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Given a metric space (M,d) define the packing function P(x,R,r) to be the maximum number of non-intersecting balls of radius r with centers in the ball B(x,R). Let’s call M packing-homogeneous if the packing function is independent of the base point x.

Conjecture A complete connected packing-homogeneous space M is homogeneous. That is, the group of isometries acts transitively on M.

Completeness is necessary as Ricky Demer pointed out.

Connectedness is necessary. It is not difficult to construct finite graphs that are packing-homogeneous, but are not homogeneous (vertex-transitive).

Remark 1 It follows from the work of Gleason, Montgomery, Zippin and others on Hilbert’s 5th problem that a complete connected finite-dimensional homogeneous space is a manifold. Thus, a complete connected finite-dimensional packing-homogeneous space that is not a manifold (for example, has fractional Hausdorff dimension) would provide a counter-example to the conjecture.

Remark 2 I hoped to settle this question for length spaces (or inner metric spaces), i.e. when the distance between two points is equal to the length of a shortest path. Every length space is a Gromov-Hausdorff limit of grpahs. I was hoping to establish a connection between some "almost packing-homogeneous" and "almost homogeneous" properties of graphs that in the limit would give me the desired result (in the spirit of what Gromov does in his paper on groups of polynomial growth). Or, to prove the opposite, constructing a convergent sequence of graphs that is "almost packing-homogeneous" but "increasingly inhomogeneous". After some attempts I thought that the problem for graphs may be as difficult as the original conjecture.

Remark 3 As far as I know, the conjecture is open even for Riemannian manifolds of dimension greater than 2.

I was not able to find any papers that would mention this question or try to attack it. How plausible is it that the conjecture is true? Where one would look for counterexamples?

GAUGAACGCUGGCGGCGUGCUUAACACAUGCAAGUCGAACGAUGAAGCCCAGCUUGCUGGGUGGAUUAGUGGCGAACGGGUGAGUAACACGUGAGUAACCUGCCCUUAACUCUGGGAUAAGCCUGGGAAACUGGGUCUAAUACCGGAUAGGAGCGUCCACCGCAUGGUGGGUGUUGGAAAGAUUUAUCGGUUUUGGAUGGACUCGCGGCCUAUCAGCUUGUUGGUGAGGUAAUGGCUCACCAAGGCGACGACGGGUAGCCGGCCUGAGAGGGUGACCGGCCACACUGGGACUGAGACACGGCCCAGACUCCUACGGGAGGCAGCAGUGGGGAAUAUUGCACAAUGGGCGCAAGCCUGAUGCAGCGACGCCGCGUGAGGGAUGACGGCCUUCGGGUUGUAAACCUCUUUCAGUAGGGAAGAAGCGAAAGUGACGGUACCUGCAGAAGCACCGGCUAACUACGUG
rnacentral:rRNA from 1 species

I would also be grateful for any comments that would put this problem in a broader context, or any guesses as to how difficult this problem might be.

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1 Answer 1

Let $d_e$ be the usual metric on $\mathbb{R}^2$ and $S = \{(\frac1n,0) : n \operatorname{is} \operatorname{a} \operatorname{positive} \operatorname{integer}\}$. Let $(X,d)$ be $\mathbb{R}^2-S$ with the metric inherited from $(\mathbb{R}^2,d_e)$.

Clearly, $P_{(X,d)}(x,R,r)\leq P_{(\mathbb{R}^2,d_e)}(x,R,r)$ and $(\mathbb{R}^2,d_e)$ is packing-homogeneous. Consider a ball $B$ in $(\mathbb{R}^2,d_e)$ with center $C$, and disjoint balls of radius $r$ with centers $\{c_i : i\in I\}$ such that $\{c_i : i\in I\} \subseteq B_0$. Bounded subsets of $(\mathbb{R}^2,d_e)$ are totally bounded, so $|\{c_i : i\in I\}| < \infty$. Define $R(\theta)$ as the rotation of $(\mathbb{R},d_e)$ by $\theta$ radians about $C$, clearly these are all isometries which fixe $C$ and $B$ is invariant under. Since the points in $S$ are colinear, $|\{s\in S : d_e(C,c_i) = d_e(C,s)\}| \leq 2$, so if $C$ is not a member of $S$, then $|\{\theta\in (-\pi,\pi] : (r(\theta))(c_i)\in S\}| \leq 2$. This gives us $|\{\theta\in (-\pi,\pi] : (\exists i\in I)((r(\theta))(c_i)\in S)\}| = $ $|\displaystyle\bigcup_{i\in I} \{\theta\in (-\pi,\pi] : (r(\theta))(c_i)\in S\}| \leq |I|\cdot 2 < \infty\cdot 2 = \infty \leq |(-\pi,\pi]|$, so there exists $\theta\in (-\pi,\pi]$ such that $\neg (\exists i\in I)((r(\theta))(c_i)\in S)$. Let $\phi$ be such a $\theta$. Then $(\forall i\in I)((r(\phi))(c_i)\not\in S)$. This shows that if $C$ is not a member of $S$, then there is a packing in $B$ which does not use any points of $S$, so $P_{(\mathbb{R}^2,d_e)}\leq P_{(X,d)}(x,R,r)$. Let $x,y$ be members of $X$, then $P_{(X,d)}(x,R,r)\leq P_{(\mathbb{R}^2,d_e)}(x,R,r) = P_{(\mathbb{R}^2,d_e)}(y,R,r) \leq P_{(X,d)}(y,R,r)$ $\leq P_{(\mathbb{R}^2,d_e)}(y,R,r) = P_{(\mathbb{R}^2,d_e)}(x,R,r)\leq P_{(X,d)}(x,R,r)$, which shows that the packing function on $(X,d)$ is independent of basepoint. Therefore $(X,d)$ is packing-homogeneous.

$(X,d)$ is not locally compact near $(0,0)$, but it is locally compact near $(0,1)$, so $(X,d)$ is not even topologically homogeneous. To get to $(0,0)$ from any point in $(X,d)$, if you start below the x axis travel down to $y=-1$, otherwise travel up to $y=1$, then travel horizontally to $x=0$, then travel vertically to $y=0$. This shows that every point has a path to $(0,0)$, so $(X,d)$ is connected. Therefore $(X,d)$ is a connected packing-homogeneous space which is not homogeneous. QED

Demanding completeness might be enough. It would certainly stop my idea.

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Thank you! This definitely works if we don't require completeness. I will modify my question accordingly. –  Yevgeny Liokumovich Oct 4 '10 at 23:58

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